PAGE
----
Jesus Christ was the fullest, richest, deepest, most complete human being who ever existed, and he never had sexual relations with anyone. There are other dimensions to our nature that are infinitely more precious and more crucial to our humanity than the screaming force of sexual impulses, which silence other voices and deceive us into thinking that this impulse must be gratified. So all that, just by way of preface, to say: modern men and women almost inevitably have absorbed distorted, deceptive, disproportionate views of sexuality. And that affects our marriages and our growing old together.
Your Companion by Covenant
So, what does the Bible say? Let me give you two texts and put them back-to-back, one about the wife of our youth and one about the wife of our aging. Proverbs 5:18–20:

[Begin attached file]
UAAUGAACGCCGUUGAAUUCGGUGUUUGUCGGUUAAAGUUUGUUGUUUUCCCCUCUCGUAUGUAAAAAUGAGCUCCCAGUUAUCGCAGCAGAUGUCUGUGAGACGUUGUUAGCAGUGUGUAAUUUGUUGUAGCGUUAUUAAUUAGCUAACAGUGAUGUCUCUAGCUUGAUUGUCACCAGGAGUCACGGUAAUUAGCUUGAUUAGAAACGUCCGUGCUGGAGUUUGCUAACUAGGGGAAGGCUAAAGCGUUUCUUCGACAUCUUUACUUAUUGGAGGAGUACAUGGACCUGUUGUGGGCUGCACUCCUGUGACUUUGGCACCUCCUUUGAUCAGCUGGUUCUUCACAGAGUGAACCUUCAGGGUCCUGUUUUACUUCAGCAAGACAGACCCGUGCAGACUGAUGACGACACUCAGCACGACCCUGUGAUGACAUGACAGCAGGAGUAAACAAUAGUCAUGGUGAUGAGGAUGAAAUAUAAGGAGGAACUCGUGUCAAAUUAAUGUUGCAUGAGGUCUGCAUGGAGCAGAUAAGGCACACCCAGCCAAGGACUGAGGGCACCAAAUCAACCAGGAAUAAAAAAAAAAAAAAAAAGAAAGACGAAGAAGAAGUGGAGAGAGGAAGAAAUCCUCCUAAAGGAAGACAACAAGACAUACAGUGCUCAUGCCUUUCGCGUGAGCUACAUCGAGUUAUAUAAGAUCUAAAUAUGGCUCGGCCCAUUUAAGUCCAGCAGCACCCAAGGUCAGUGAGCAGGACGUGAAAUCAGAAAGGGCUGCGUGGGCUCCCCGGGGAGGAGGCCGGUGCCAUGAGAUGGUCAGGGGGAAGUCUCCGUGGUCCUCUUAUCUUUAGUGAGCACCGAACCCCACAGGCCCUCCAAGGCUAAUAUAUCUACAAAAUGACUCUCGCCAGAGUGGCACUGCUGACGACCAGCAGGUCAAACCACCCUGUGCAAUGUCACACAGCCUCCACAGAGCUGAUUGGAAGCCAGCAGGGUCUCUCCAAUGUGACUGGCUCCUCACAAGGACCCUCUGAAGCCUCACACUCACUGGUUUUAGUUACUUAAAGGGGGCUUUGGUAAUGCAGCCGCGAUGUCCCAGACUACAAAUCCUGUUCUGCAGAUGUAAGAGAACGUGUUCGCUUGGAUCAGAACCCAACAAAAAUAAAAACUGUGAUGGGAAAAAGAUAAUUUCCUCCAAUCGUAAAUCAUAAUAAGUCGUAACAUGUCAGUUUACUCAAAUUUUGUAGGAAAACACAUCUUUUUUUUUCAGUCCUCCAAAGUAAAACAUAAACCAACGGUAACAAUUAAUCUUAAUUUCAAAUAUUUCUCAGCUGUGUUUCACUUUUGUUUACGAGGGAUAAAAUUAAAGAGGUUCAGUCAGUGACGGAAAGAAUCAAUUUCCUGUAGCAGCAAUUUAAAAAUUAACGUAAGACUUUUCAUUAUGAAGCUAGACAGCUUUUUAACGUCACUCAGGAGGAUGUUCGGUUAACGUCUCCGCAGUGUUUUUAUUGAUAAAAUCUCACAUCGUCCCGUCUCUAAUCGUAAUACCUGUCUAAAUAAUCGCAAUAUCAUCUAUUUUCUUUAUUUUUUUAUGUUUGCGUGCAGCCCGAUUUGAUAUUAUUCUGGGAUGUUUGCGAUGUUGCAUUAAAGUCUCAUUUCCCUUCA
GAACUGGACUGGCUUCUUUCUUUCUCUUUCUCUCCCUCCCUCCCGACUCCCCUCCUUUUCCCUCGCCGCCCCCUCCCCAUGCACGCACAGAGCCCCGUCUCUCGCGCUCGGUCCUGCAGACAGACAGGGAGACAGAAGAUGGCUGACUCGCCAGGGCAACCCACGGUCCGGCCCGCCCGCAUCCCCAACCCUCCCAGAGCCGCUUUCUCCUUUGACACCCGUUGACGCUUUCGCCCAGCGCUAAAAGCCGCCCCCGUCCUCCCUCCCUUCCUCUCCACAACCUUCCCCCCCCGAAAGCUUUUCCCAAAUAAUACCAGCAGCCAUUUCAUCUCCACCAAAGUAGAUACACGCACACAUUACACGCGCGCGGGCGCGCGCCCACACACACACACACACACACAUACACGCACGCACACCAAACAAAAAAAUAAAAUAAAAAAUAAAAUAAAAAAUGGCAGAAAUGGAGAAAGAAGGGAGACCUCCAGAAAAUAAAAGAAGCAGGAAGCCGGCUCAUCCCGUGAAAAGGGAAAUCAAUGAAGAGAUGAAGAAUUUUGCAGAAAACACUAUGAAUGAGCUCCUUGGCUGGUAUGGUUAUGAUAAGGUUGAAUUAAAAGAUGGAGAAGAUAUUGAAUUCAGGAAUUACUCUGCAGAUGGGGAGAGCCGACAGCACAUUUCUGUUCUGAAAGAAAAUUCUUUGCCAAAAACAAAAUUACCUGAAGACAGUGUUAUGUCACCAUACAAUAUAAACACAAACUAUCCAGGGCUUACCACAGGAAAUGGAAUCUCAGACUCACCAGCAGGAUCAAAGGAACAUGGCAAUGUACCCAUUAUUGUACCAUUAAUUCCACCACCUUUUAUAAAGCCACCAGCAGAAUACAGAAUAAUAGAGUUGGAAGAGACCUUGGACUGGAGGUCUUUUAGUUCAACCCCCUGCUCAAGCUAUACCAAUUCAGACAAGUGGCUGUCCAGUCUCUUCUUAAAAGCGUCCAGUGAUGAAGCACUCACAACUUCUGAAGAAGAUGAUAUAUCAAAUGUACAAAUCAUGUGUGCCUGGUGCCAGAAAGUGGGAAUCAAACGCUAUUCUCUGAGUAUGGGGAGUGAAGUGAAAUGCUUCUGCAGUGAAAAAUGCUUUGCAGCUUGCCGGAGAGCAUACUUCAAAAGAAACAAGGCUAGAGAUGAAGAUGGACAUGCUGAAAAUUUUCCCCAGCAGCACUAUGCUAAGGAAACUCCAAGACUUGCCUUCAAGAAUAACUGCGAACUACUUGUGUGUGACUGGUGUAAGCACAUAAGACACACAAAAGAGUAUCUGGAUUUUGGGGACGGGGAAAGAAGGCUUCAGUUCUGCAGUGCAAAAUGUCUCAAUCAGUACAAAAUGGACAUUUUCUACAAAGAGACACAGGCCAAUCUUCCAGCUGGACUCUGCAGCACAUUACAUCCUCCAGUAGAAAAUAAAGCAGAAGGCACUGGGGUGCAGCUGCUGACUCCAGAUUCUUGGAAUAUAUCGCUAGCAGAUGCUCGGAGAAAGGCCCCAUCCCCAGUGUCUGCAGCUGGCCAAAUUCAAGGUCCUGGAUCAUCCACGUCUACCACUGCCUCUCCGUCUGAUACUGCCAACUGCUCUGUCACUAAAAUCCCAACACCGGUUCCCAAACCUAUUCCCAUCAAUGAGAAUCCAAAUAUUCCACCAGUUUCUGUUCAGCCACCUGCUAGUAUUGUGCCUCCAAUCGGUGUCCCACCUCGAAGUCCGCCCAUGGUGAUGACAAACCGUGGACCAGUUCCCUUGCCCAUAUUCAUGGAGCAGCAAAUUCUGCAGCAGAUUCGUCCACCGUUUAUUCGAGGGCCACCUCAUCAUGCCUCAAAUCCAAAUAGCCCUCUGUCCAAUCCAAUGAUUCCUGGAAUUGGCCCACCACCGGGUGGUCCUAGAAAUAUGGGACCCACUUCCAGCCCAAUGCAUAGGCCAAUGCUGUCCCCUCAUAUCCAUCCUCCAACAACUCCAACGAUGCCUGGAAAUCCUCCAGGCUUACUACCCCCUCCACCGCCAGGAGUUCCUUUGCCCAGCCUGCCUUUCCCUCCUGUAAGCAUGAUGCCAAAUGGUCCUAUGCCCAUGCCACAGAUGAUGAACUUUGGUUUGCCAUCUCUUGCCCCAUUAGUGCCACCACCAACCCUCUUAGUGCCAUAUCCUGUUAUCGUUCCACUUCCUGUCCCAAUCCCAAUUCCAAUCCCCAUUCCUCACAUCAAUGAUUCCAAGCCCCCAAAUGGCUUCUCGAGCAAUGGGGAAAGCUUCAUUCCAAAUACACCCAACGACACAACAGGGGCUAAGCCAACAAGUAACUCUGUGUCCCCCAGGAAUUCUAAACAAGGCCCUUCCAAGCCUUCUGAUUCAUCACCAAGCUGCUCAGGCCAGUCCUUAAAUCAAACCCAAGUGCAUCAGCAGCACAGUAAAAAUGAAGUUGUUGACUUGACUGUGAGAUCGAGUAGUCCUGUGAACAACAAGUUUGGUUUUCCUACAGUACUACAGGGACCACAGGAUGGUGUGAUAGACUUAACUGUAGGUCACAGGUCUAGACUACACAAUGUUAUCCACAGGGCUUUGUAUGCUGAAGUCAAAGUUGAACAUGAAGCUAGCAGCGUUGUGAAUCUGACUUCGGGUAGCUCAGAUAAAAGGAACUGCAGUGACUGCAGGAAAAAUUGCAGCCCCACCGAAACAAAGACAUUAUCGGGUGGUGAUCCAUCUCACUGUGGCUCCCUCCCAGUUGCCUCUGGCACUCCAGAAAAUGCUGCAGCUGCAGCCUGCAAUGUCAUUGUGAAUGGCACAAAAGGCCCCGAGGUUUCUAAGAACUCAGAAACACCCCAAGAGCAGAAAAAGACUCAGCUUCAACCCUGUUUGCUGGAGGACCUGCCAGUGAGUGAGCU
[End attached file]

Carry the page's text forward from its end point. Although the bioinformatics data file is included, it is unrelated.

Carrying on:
Rejoice in the wife of your youth,
a lovely deer, a graceful doe.
Let her breasts fill you at all times with delight;
be intoxicated always in her love.
Why should you be intoxicated, my son, with a forbidden woman
and embrace the bosom of an adulteress?
Well, that’s pretty clear. Sexual desire is a good thing. God made it. It belongs in the covenant of marriage. And in that place of God-sealed commitment, it can be fully enjoyed for his glory. Now here’s Malachi 2:13–14. He’s asking the question and answering, Why does the Lord no longer regard our offerings? And here’s what he says. This is in the past now.
Because the Lord was witness between you and the wife of your youth, to whom you have been faithless, though she is your companion and your wife by covenant.
So time passes. She changes. You change. And these men said, “I’m going to get another woman — younger, better skin, better breasts, better legs, more desire.” And they leave. And God hates this. And the way Malachi underlines the evil of it is to say three things about her:
- She is your companion.
- She is your wife by covenant.
- God was witness to this covenant.